NOBLESVILLE, Ind. — Parking problems have plagued downtown Noblesville since the early 19th century, and now city leaders think they have an answer.
The downtown area has a 2-hour-a-day parking limit for travelers, and that’s even if they come and go. It’s a running daily clock.
“If there are tournaments in the middle of the day here people are going to get ticketed, or we will have to put a pause on everything,” said Cody McClintock who has recently been playing card games every day at a gaming shop in downtown. He badly injured his leg in a work accident, and is on crutches with a walking boot. To safely park, he must walk several blocks in pain.
“I could park five to six blocks out, just so I’m not parking in that 2-hour limit,” McClintock said.
Moving forward, city officials want to keep those restrictions only in the downtown square and a block in each direction. Due to the shape, city reps call it “The Hashtag”. 19 blocks surrounding the square will now become free unlimited parking. The move will allow workers to park closer to their jobs without the risk of a ticket.
“We have on street parking only,” said Mark Littler who owns Noble Coffee, “We are lucky a lot of our employees can walk to work. They live near here. Realistically you won’t have to walk more than a block, and you have free parking unlimited hours.”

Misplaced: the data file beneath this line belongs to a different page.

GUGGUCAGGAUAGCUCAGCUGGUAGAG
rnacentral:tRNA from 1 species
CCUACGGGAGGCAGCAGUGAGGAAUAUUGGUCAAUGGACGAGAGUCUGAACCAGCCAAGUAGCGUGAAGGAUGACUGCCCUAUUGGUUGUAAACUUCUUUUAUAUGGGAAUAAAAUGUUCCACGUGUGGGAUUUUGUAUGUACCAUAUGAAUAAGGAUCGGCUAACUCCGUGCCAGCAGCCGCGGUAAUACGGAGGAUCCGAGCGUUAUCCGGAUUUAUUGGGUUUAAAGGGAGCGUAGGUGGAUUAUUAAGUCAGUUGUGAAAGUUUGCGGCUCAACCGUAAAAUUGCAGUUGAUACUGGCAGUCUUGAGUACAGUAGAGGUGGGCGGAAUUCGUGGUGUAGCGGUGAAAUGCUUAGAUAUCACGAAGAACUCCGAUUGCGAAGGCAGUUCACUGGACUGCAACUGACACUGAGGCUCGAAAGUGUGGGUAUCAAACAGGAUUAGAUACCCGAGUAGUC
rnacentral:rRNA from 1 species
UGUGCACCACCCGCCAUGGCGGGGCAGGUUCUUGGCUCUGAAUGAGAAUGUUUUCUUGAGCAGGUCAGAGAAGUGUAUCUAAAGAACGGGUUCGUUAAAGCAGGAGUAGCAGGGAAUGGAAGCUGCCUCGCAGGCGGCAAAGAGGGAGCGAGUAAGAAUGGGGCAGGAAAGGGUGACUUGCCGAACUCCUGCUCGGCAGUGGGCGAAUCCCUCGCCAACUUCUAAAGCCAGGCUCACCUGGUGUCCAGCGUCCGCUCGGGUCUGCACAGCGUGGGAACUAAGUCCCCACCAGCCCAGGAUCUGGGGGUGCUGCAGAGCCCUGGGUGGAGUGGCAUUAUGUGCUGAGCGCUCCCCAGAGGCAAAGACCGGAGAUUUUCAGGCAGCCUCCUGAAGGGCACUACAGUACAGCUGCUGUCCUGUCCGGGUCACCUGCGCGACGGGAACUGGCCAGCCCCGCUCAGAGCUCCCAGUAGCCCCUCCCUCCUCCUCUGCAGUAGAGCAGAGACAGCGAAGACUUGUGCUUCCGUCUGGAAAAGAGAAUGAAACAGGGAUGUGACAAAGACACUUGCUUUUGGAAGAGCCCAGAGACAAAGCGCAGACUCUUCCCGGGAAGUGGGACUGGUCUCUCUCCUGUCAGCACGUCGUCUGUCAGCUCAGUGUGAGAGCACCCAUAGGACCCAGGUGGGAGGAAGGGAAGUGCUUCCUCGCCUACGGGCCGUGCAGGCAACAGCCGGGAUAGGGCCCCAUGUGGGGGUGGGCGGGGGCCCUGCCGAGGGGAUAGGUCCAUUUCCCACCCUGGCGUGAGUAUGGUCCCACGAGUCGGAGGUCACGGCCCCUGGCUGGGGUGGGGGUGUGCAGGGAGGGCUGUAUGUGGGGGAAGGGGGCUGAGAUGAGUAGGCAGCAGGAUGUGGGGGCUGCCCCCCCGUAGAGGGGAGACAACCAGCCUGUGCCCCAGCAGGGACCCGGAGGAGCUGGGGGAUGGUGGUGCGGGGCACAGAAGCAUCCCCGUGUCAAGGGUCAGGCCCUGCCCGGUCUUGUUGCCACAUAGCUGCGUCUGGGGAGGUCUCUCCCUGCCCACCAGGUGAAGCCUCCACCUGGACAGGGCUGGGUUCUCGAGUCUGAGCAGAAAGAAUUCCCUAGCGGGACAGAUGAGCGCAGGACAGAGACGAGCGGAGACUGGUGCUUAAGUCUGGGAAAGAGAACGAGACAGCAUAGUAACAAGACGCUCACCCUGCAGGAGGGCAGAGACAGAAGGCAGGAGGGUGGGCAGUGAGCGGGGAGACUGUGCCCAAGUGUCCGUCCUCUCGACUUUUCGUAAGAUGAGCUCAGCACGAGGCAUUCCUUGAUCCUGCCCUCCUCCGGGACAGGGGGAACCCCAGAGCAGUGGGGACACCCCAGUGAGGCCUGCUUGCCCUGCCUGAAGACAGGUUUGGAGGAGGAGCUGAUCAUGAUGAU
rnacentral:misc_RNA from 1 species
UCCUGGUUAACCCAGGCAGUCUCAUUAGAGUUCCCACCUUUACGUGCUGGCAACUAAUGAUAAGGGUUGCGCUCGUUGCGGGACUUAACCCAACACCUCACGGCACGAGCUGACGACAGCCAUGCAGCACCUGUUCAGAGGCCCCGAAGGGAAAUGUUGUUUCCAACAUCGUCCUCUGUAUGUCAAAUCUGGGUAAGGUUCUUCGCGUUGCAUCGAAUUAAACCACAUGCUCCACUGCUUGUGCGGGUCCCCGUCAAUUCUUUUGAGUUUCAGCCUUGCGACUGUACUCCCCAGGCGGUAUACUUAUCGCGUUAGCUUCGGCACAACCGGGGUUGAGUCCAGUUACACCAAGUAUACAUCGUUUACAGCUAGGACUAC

License plate readers will take over in the city to track how long individual cars have spent time parking in town. Up until last year, police used to mark cars with chalk to show that they have been parked in downtown, and to keep tabs on them.
“Tire chalking was about a 1930’s technology that we kept doing until this past year,” Noblesville Police Chief Kevin Jowitt said, “The license plate reader knows when a vehicle is in violation for the first time.”
Officers are instructed to give first time offenders a free pass. Instead, they will leave a brochure explaining the new parking rules.
“It’s a little bit of a friendlier approach to have your first experience in the community,” Noblesville Chamber of Commerce President Bob DuBois said.
The parking meters in town will also be replaced by parking kiosks. Chief Jowitt said they can’t even get parts for the coin operated meters in the United States.